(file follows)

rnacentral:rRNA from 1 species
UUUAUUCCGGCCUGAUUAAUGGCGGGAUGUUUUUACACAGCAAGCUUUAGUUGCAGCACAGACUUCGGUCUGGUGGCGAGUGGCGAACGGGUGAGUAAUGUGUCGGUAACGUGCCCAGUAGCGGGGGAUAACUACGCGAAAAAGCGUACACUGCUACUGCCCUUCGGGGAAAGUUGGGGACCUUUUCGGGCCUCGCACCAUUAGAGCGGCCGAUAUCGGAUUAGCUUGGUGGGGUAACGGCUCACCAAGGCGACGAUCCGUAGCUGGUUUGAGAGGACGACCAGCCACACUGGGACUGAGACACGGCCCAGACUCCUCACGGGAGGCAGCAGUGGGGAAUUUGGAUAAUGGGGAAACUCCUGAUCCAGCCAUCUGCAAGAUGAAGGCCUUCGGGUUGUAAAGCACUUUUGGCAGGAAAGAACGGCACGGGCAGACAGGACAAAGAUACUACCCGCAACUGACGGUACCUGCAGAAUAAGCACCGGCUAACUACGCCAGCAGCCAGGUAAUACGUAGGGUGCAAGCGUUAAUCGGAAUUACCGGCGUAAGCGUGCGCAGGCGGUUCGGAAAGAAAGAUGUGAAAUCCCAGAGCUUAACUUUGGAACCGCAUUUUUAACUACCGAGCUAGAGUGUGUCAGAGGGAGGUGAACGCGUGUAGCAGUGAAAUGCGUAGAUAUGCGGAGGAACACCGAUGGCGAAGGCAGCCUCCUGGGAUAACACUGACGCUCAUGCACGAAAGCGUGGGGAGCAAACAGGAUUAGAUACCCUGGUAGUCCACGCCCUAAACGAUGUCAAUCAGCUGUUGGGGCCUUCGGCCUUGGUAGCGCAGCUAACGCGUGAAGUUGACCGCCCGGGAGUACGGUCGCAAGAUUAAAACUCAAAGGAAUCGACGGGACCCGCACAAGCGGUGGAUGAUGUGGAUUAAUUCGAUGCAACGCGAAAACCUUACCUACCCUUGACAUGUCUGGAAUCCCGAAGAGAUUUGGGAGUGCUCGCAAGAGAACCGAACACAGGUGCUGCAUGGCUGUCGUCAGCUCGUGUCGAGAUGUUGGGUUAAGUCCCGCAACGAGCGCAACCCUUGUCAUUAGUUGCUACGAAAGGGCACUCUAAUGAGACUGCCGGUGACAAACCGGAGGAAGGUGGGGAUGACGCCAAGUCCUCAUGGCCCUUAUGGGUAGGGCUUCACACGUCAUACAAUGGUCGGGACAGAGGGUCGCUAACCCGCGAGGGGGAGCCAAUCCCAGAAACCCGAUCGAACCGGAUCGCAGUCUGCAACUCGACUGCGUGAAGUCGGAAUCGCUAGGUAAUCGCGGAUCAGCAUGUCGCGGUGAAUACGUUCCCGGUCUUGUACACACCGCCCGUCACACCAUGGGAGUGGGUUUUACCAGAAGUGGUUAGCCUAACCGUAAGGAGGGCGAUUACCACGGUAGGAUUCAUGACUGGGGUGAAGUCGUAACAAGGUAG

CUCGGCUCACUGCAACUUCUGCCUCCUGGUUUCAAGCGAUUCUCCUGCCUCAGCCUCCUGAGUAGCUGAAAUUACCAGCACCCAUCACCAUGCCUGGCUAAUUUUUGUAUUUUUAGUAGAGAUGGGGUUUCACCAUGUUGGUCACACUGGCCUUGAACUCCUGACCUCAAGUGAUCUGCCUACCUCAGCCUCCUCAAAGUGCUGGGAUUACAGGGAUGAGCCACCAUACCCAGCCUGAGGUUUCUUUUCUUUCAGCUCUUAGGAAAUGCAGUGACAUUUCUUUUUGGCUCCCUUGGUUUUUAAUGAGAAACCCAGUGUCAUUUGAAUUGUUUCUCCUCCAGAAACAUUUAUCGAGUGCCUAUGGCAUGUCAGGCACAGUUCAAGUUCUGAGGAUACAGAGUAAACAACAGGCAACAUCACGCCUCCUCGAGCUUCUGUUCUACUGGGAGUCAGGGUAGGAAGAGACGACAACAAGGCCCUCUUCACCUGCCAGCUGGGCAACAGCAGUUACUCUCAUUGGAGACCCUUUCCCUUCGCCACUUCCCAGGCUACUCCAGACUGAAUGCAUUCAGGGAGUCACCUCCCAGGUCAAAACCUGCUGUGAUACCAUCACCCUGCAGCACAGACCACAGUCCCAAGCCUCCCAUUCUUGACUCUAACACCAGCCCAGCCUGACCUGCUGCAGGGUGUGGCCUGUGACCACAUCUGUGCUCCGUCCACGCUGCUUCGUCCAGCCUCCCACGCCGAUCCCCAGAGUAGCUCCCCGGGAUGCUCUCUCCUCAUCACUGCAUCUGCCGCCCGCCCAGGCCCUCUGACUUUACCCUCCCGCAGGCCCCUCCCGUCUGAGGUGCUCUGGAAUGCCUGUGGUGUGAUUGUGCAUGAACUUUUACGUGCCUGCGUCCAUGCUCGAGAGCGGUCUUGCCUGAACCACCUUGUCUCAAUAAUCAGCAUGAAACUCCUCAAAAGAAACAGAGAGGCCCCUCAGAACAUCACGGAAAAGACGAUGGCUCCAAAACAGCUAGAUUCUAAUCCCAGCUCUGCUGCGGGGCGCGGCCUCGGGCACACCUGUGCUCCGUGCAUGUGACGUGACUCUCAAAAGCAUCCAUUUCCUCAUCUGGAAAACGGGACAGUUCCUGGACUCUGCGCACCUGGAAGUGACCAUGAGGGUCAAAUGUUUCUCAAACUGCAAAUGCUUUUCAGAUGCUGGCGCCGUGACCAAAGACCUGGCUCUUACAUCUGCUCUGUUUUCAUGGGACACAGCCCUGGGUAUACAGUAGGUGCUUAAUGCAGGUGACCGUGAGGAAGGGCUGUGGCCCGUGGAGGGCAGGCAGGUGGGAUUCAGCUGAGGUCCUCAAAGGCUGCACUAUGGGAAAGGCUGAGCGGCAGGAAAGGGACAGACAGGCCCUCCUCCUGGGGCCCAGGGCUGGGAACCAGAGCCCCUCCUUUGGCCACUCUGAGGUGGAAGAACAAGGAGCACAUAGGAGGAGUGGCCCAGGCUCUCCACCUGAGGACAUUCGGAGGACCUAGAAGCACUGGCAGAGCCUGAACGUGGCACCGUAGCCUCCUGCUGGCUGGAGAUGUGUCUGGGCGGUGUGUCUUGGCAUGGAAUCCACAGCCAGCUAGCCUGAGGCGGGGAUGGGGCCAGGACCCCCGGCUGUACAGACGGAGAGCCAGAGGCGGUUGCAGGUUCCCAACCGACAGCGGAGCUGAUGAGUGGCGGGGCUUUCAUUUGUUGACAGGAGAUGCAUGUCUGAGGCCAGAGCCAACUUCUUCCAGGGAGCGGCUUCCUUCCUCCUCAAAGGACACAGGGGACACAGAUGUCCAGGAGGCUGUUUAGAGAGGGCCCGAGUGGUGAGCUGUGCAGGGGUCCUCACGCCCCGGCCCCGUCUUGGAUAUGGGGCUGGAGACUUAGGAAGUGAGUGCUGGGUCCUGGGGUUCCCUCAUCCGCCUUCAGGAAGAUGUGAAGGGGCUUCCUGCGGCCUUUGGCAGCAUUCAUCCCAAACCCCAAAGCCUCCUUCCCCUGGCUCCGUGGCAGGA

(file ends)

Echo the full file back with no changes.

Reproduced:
rnacentral:rRNA from 1 species
UUUAUUCCGGCCUGAUUAAUGGCGGGAUGUUUUUACACAGCAAGCUUUAGUUGCAGCACAGACUUCGGUCUGGUGGCGAGUGGCGAACGGGUGAGUAAUGUGUCGGUAACGUGCCCAGUAGCGGGGGAUAACUACGCGAAAAAGCGUACACUGCUACUGCCCUUCGGGGAAAGUUGGGGACCUUUUCGGGCCUCGCACCAUUAGAGCGGCCGAUAUCGGAUUAGCUUGGUGGGGUAACGGCUCACCAAGGCGACGAUCCGUAGCUGGUUUGAGAGGACGACCAGCCACACUGGGACUGAGACACGGCCCAGACUCCUCACGGGAGGCAGCAGUGGGGAAUUUGGAUAAUGGGGAAACUCCUGAUCCAGCCAUCUGCAAGAUGAAGGCCUUCGGGUUGUAAAGCACUUUUGGCAGGAAAGAACGGCACGGGCAGACAGGACAAAGAUACUACCCGCAACUGACGGUACCUGCAGAAUAAGCACCGGCUAACUACGCCAGCAGCCAGGUAAUACGUAGGGUGCAAGCGUUAAUCGGAAUUACCGGCGUAAGCGUGCGCAGGCGGUUCGGAAAGAAAGAUGUGAAAUCCCAGAGCUUAACUUUGGAACCGCAUUUUUAACUACCGAGCUAGAGUGUGUCAGAGGGAGGUGAACGCGUGUAGCAGUGAAAUGCGUAGAUAUGCGGAGGAACACCGAUGGCGAAGGCAGCCUCCUGGGAUAACACUGACGCUCAUGCACGAAAGCGUGGGGAGCAAACAGGAUUAGAUACCCUGGUAGUCCACGCCCUAAACGAUGUCAAUCAGCUGUUGGGGCCUUCGGCCUUGGUAGCGCAGCUAACGCGUGAAGUUGACCGCCCGGGAGUACGGUCGCAAGAUUAAAACUCAAAGGAAUCGACGGGACCCGCACAAGCGGUGGAUGAUGUGGAUUAAUUCGAUGCAACGCGAAAACCUUACCUACCCUUGACAUGUCUGGAAUCCCGAAGAGAUUUGGGAGUGCUCGCAAGAGAACCGAACACAGGUGCUGCAUGGCUGUCGUCAGCUCGUGUCGAGAUGUUGGGUUAAGUCCCGCAACGAGCGCAACCCUUGUCAUUAGUUGCUACGAAAGGGCACUCUAAUGAGACUGCCGGUGACAAACCGGAGGAAGGUGGGGAUGACGCCAAGUCCUCAUGGCCCUUAUGGGUAGGGCUUCACACGUCAUACAAUGGUCGGGACAGAGGGUCGCUAACCCGCGAGGGGGAGCCAAUCCCAGAAACCCGAUCGAACCGGAUCGCAGUCUGCAACUCGACUGCGUGAAGUCGGAAUCGCUAGGUAAUCGCGGAUCAGCAUGUCGCGGUGAAUACGUUCCCGGUCUUGUACACACCGCCCGUCACACCAUGGGAGUGGGUUUUACCAGAAGUGGUUAGCCUAACCGUAAGGAGGGCGAUUACCACGGUAGGAUUCAUGACUGGGGUGAAGUCGUAACAAGGUAG

CUCGGCUCACUGCAACUUCUGCCUCCUGGUUUCAAGCGAUUCUCCUGCCUCAGCCUCCUGAGUAGCUGAAAUUACCAGCACCCAUCACCAUGCCUGGCUAAUUUUUGUAUUUUUAGUAGAGAUGGGGUUUCACCAUGUUGGUCACACUGGCCUUGAACUCCUGACCUCAAGUGAUCUGCCUACCUCAGCCUCCUCAAAGUGCUGGGAUUACAGGGAUGAGCCACCAUACCCAGCCUGAGGUUUCUUUUCUUUCAGCUCUUAGGAAAUGCAGUGACAUUUCUUUUUGGCUCCCUUGGUUUUUAAUGAGAAACCCAGUGUCAUUUGAAUUGUUUCUCCUCCAGAAACAUUUAUCGAGUGCCUAUGGCAUGUCAGGCACAGUUCAAGUUCUGAGGAUACAGAGUAAACAACAGGCAACAUCACGCCUCCUCGAGCUUCUGUUCUACUGGGAGUCAGGGUAGGAAGAGACGACAACAAGGCCCUCUUCACCUGCCAGCUGGGCAACAGCAGUUACUCUCAUUGGAGACCCUUUCCCUUCGCCACUUCCCAGGCUACUCCAGACUGAAUGCAUUCAGGGAGUCACCUCCCAGGUCAAAACCUGCUGUGAUACCAUCACCCUGCAGCACAGACCACAGUCCCAAGCCUCCCAUUCUUGACUCUAACACCAGCCCAGCCUGACCUGCUGCAGGGUGUGGCCUGUGACCACAUCUGUGCUCCGUCCACGCUGCUUCGUCCAGCCUCCCACGCCGAUCCCCAGAGUAGCUCCCCGGGAUGCUCUCUCCUCAUCACUGCAUCUGCCGCCCGCCCAGGCCCUCUGACUUUACCCUCCCGCAGGCCCCUCCCGUCUGAGGUGCUCUGGAAUGCCUGUGGUGUGAUUGUGCAUGAACUUUUACGUGCCUGCGUCCAUGCUCGAGAGCGGUCUUGCCUGAACCACCUUGUCUCAAUAAUCAGCAUGAAACUCCUCAAAAGAAACAGAGAGGCCCCUCAGAACAUCACGGAAAAGACGAUGGCUCCAAAACAGCUAGAUUCUAAUCCCAGCUCUGCUGCGGGGCGCGGCCUCGGGCACACCUGUGCUCCGUGCAUGUGACGUGACUCUCAAAAGCAUCCAUUUCCUCAUCUGGAAAACGGGACAGUUCCUGGACUCUGCGCACCUGGAAGUGACCAUGAGGGUCAAAUGUUUCUCAAACUGCAAAUGCUUUUCAGAUGCUGGCGCCGUGACCAAAGACCUGGCUCUUACAUCUGCUCUGUUUUCAUGGGACACAGCCCUGGGUAUACAGUAGGUGCUUAAUGCAGGUGACCGUGAGGAAGGGCUGUGGCCCGUGGAGGGCAGGCAGGUGGGAUUCAGCUGAGGUCCUCAAAGGCUGCACUAUGGGAAAGGCUGAGCGGCAGGAAAGGGACAGACAGGCCCUCCUCCUGGGGCCCAGGGCUGGGAACCAGAGCCCCUCCUUUGGCCACUCUGAGGUGGAAGAACAAGGAGCACAUAGGAGGAGUGGCCCAGGCUCUCCACCUGAGGACAUUCGGAGGACCUAGAAGCACUGGCAGAGCCUGAACGUGGCACCGUAGCCUCCUGCUGGCUGGAGAUGUGUCUGGGCGGUGUGUCUUGGCAUGGAAUCCACAGCCAGCUAGCCUGAGGCGGGGAUGGGGCCAGGACCCCCGGCUGUACAGACGGAGAGCCAGAGGCGGUUGCAGGUUCCCAACCGACAGCGGAGCUGAUGAGUGGCGGGGCUUUCAUUUGUUGACAGGAGAUGCAUGUCUGAGGCCAGAGCCAACUUCUUCCAGGGAGCGGCUUCCUUCCUCCUCAAAGGACACAGGGGACACAGAUGUCCAGGAGGCUGUUUAGAGAGGGCCCGAGUGGUGAGCUGUGCAGGGGUCCUCACGCCCCGGCCCCGUCUUGGAUAUGGGGCUGGAGACUUAGGAAGUGAGUGCUGGGUCCUGGGGUUCCCUCAUCCGCCUUCAGGAAGAUGUGAAGGGGCUUCCUGCGGCCUUUGGCAGCAUUCAUCCCAAACCCCAAAGCCUCCUUCCCCUGGCUCCGUGGCAGGA